Italy’s Colosseum in Rome may have withstood hundreds of years for tourists to appreciate its ruins.
But as a Russian visitor must have realized, it pays a lot to carve a remembrance into its walls.
A Colosseum worker on Friday spotted the 42-year-old Russian tourist scratching a large letter “K,” 25 centimeters high (10 inches), and smaller letters of “Ketreia” beside it using a stone to do so.
The offending visitor was fined 20,000 euros (25,000 US dollars) for the damage, and given a suspended sentence of four years in prison. It is hoped the penalty will deter future vandals after a number of incidents this year at the world-famous ancient site, which attracts hundreds of thousands of tourists.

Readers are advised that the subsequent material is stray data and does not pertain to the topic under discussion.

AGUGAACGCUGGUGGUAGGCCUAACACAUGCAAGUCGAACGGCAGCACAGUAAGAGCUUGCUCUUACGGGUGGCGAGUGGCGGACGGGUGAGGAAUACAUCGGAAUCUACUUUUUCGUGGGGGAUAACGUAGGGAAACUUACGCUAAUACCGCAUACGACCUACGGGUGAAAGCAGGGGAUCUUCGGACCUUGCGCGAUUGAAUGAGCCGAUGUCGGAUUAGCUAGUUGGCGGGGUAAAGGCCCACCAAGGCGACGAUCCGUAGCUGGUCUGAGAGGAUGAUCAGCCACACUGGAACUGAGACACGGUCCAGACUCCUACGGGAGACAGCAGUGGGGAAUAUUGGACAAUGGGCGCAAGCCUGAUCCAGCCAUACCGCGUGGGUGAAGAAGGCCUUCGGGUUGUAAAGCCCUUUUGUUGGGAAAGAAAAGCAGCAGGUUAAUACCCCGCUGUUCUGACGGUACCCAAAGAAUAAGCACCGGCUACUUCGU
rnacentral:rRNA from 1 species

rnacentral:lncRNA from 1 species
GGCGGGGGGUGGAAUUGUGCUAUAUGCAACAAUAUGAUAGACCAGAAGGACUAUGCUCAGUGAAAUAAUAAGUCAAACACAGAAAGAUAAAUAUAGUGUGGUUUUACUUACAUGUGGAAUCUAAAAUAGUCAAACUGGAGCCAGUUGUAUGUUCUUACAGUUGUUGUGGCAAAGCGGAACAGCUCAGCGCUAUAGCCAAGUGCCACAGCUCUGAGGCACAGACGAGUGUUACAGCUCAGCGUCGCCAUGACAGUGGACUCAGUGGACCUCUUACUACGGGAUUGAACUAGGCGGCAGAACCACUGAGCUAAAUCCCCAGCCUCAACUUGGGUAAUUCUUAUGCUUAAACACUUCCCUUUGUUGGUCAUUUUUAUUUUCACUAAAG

Sonia Lanzelotti, one of a team of restorers who work daily to maintain the site, used reddish-yellow stucco to cover up the scratching. She used a small brush and tiny sponge to gently pat down the wall.
Union leader have complained about lack of staff to monitor Rome’s archaeological treasures as evidenced by visitors seeking to leave their mark and cause serious damage.
The walls around the edge of the Colosseum are covered with engraved names that were made by visitors when the Colosseum was left open.
Construction of the Colosseum began in 70 A.D. under the Roman Emperor Vespasian and was opened in 80 AD under his son Titus.